Wednesday, 4 May 2016

Throne of Blood (Kumonosu Jo) (1957)



Blodets trone
I have a confession to make. I know almost zip about the works of William Shakespeare. Oh, I know who he is and his significance. I have even visited his hometown, a very pleasant place indeed, but I have never read even a single one of his plays. I have also managed to avoid watching, though not by intend, practically any of his plays, whether on stage or on the screen, with the sole exception of Henry V, which was on the List. This is not something I am proud of, it just happened to be that way. Shakespeare is not a big thing in the Danish school system, which tend to prefer homegrown authors, and reading old plays… hmm… there just never seem to be time for that sort of thing.

My point here is that the famous story of “Macbeth” is actually new to me. Yes, yes, I have heard about it about a million times, but this is the first time I see it and that both means fresh eyes, but also a hopelessly naïve viewpoint. So bear with me. That this first viewing should be Akira Kurosawa’s version transplanted to feudal Japan is a bit of a scoop. I have no idea how the original goes, but somehow I cannot image it play out better than it does in “Kumonosu-jo” or “Throne of Blood”.

The setting is generic, there are hardly any place names and the characters are all invented, making this more of a moral lesson than a pretense at a historic document. However Kurosawa cleverly places the story in the medieval era so he can use samurai, lots and lots of samurai. Yeah, we like samurai, they are pretty cool.

The commanders Miki (Akira Kubo) and Washizu (Toshiro Mifune) successfully repel an attack by an enemy and are returning to Cobweb Castle to be honored by the supreme commander Lord Tsuzuki (Takamaru Sasaki) when they get lost in the labyrinthine Cobweb Forest. Here they have an encounter with a truly scary ghost who tells them that Washizu will be commander of The Northern Mansion before the day is over and eventually the master of Cobweb Castle. Miki on the other hand will become master of Fort One and eventually his son will be master of Cobweb Castle. Lo and behold, when they arrive at the castle Washizu and Miki are both promoted as the ghost predicted.

For Washizu this is the beginning of a nightmare, mainly because his wife Asaji (Isuzu Yamada) is hungry for a lot more. While Washizu is content to be a loyal subject she twists his mind with paranoid fantasies and makes him kill Lord Tsuzuki on a visit to the Northern Mansion. This makes Washizu master of Cobweb Castle, but also convinced of treason and rebellion, alienating him to practically everyone and eventually leading to his fall. I suppose all this is well known to those familiar with Macbeth.

This is not a very complicated story, but the message is interesting anyway. Lust for power drives you mad and it is not a good thing to know your future because there is always a catch.

The sell here is the cinematography and the acting. Kurosawa went out of his way to give this movie exactly the right texture. The haze creates mystery and confusion, the castles are strong as power and fate is unavoidable. There is an oppressive feeling throughout and we can feel it weighing on Washizu’s mind. Every image is a joy to watch and, yeah, the samurai are cool.

Toshiro Mifune was a perfect pick for the role as Washizu. In his previous movies I have not been totally sold by him. He tend to over-act and be a little too crazy. As Washizu however he was perfect. His superiority that turns into mistrust, paranoia and despair required exactly the kind of madness Mifune could do and “Throne of Blood” would just not have been the same movie with another lead. The final scene where Washizu is perforated with arrows is deservedly famous, but it is when he is acting against Yamada as Lady Asaji that he really shines. That is partly because she is excellent as well. Totally cool she is plotting sheer madness in order to get what she wants and when things are not going exactly as planned she cracks a bit, but is resourceful enough to pull it through. Yet she ends up just as mad (or worse) than Washizu. Strong performance.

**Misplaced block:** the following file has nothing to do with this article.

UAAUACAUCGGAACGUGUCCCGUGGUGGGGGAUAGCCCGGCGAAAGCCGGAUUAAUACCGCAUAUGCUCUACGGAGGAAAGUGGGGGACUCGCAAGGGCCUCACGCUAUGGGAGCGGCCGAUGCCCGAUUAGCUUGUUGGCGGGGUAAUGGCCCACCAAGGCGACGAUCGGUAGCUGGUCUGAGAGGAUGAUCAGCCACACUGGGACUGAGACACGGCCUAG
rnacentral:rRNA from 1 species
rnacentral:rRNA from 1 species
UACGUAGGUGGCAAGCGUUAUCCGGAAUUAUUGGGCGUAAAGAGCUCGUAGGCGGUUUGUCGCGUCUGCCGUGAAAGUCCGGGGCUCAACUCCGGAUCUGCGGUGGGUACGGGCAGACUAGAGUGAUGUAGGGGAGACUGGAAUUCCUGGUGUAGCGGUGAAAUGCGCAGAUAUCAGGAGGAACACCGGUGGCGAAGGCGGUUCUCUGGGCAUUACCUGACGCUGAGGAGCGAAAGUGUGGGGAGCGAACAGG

This is a great film, but it is not the best yet from Kurosawa. Though I hate to rank great movies I still prefer Seven Samurai and Ikiru to this, but if this is the standard of those to come I am a happy man.

Yeah, samurai are pretty cool.

4 comments:

  1. This is my default favorite Kurosawa film. Typically, the most recent thing I've watched is my favorite, but if it's been awhile, I revert to this one.

    The reason is simple. I love MacBeth, and this is MacBeth with samurai. I could live without the endless scene of them racing through the forest near the start, but beyond that, I think it's as good a film from Kurosawa as there is, even if there are others that are objectively better.

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    1. Yes, I get the feeling you have a much closer relationship with Shakespeare than I got. As this is my first Macbeth I cannot say if it was particularly good compared to other renditions, but it was very enjoyable and, hey, samurai!

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  2. I find this film very "foreign" but absolutely magnificent. I especially like the ghost, the fog, and the ending. Mifune could do anything from subtle to completely over-the-top. And he originally wanted to be an assistant director ... He got in the wrong line, the one for acting hopefuls. He tried out anyway. They asked him to portray anger and the rest was history!

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    1. And this is definitely his movie. I guess we were lucky he did not become an assistent director.

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